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Recap / Star Trek: Deep Space Nine S06E17 "Wrongs Darker Than Death or Night"

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"It seems my interest in you has gotten a lot creepier in hindsight, Nerys."

It’s the 60th anniversary of the birth of Kira Meru, the mother of Kira Nerys, who died during the Occupation in a labor camp. To honor the memory of her mother who she believes died when she was three, Kira orders Bajoran lilacs, her mother's favorite. She had always admired her mother, whom her father described as one of the bravest women he had ever known.

That evening, however, Dukat sends Kira a coded transmission. Ostensibly to come clean about his feelings, Dukat taunts Kira with the knowledge that her mother did not die in a labor camp but had lived for several years before passing away as Dukat's lover! Kira accuses Dukat of lying, but Dukat reveals that he knows Meru loved Bajoran lilacs and had a scar that very few people knew of. Starting to doubt her impression of her mother, Kira asks Captain Sisko to arrange for her to access the Orb of Time, so she can get to the bottom of the mystery.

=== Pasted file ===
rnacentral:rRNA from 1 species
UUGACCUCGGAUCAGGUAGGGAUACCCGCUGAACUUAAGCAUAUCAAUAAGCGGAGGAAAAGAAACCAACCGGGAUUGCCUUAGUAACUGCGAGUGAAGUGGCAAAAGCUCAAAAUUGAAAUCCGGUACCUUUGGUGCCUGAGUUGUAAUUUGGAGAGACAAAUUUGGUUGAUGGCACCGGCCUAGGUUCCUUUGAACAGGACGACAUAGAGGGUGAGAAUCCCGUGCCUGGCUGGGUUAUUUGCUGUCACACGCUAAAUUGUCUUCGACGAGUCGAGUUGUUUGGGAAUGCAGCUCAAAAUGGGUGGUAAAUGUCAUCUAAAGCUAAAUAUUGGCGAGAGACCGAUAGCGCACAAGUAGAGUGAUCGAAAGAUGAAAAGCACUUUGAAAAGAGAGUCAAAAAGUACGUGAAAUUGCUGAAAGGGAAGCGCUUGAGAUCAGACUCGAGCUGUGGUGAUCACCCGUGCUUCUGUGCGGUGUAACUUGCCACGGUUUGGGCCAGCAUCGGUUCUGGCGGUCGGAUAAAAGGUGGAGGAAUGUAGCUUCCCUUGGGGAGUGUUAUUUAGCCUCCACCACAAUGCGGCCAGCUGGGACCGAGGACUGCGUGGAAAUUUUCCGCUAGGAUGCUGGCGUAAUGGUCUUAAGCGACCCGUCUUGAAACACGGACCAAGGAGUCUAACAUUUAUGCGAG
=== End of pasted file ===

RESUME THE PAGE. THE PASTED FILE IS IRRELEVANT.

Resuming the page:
Gazing into the Orb, Kira travels back in time to the labor camp where she grew up and her father said Meru died. There, she meets her parents and their children: Reon, Pohl, and little Nerys. After defending the couple from some desperate Bajoran toughs, she introduces herself as "Luma Rahl" and befriends Meru. Shortly thereafter, Cardassian soldiers and a Bajoran collaborator announce that some of the women working there were selected to be taken to Terok Nor to work as "comfort women" for Cardassian staff, with their families compensated with additional rations and medicine. Meru and "Rahl" are among those selected, and Kira watches as Meru is tearfully ripped away from her family.

Upon arriving at Terok Nor, the comfort women are lavished with fine dresses, fresh food, and showers before meeting with the Cardassian brass, including Gul Dukat, the station's Prefect. Dukat's comparatively kind behavior toward the women comes as a surprise to them. He takes a liking to Meru in particular and uses a dermal regenerator to remove her scar. At the ensuing party, Dukat comes to Meru's defense against an overly handsy officer. To Kira's chagrin, Meru seems taken with Dukat's act, which she learns has been employed on many Bajoran women before.